For example, the Church teaches that artificial contraception is not an appropriate form of family planning. Pope Paul VI, in his encyclical Humanae Vitae predicted three consequences of artificial contraception. The first consequence he sites is that it could “open wide the way for marital infidelity and a general lowering of moral standards.” Marital infidelity has indeed grown and moral standards have been lowered since the use of artificial contraceptives have become widespread. He also says that “a man who grows accustomed to the use of contraceptive methods may forget the reverence due to a woman, and, disregarding her physical and emotional equilibrium, reduce her to being a mere instrument of his own desires.” The proliferation of sex in movies, television shows, and even commercials indicate that our society treats women as objects. The pornography industry also indicates the degradation of women. The third consequence Paul VI stated was a fear of “this power passing into the hands of public authorities who care little for the precepts of the moral law.” Look at what countries like China have done. China has enacted a one child rule, enforcing it through artificial contraception and abortion. The use of artificial contraception removes from a marriage (and all relationships) discipline. You don’t need to have discipline if you remove the consequences of your actions, which is precisely what artificial contraception does. The lack of sexual discipline in our lives due to the use of artificial contraceptives has led us down a path of increased marital infidelity, reduced women to objects, and given governments the power to make moral decisions for us.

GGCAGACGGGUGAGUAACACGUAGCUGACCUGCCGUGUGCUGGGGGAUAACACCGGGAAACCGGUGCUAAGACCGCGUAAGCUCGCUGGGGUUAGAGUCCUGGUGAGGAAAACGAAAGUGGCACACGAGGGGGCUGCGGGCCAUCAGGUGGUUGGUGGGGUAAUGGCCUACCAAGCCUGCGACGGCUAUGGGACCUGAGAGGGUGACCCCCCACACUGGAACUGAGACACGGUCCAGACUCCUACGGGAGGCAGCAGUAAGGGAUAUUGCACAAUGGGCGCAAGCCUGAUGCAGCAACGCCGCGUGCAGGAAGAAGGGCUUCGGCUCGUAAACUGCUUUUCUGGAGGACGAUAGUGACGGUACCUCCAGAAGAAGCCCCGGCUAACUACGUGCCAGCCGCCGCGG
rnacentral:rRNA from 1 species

As you can see, the Church does not set forth rules and guidelines to restrict us. I believe that these rules are there to guide us and to help us have more personal discipline. The above example is probably the most well known and controversial of the Church’s recent teachings. Many people disagree with the Church’s teaching on contraception. Only about 4% of Catholics actually adhere to this teaching. The Church does not want to restrict us and our freedoms. The Church is there to guide us and to help us have some self-discipline. “Christ proposes a life of discipline not for its own sake, and certainly not to stifle or control us; rather, he proposes discipline as the key to freedom.” (Matthew Kelly) There is a freedom we receive from living a disciplined life. We need to be aware of our human weakness. Our inherent weakness limits us, restricts us. Living a life of discipline will strengthen us to break free from the temptations and sins we face every day. Living our lives in a disciplined manner will not only enhance the our own lives, but it will also strengthen our society as a whole.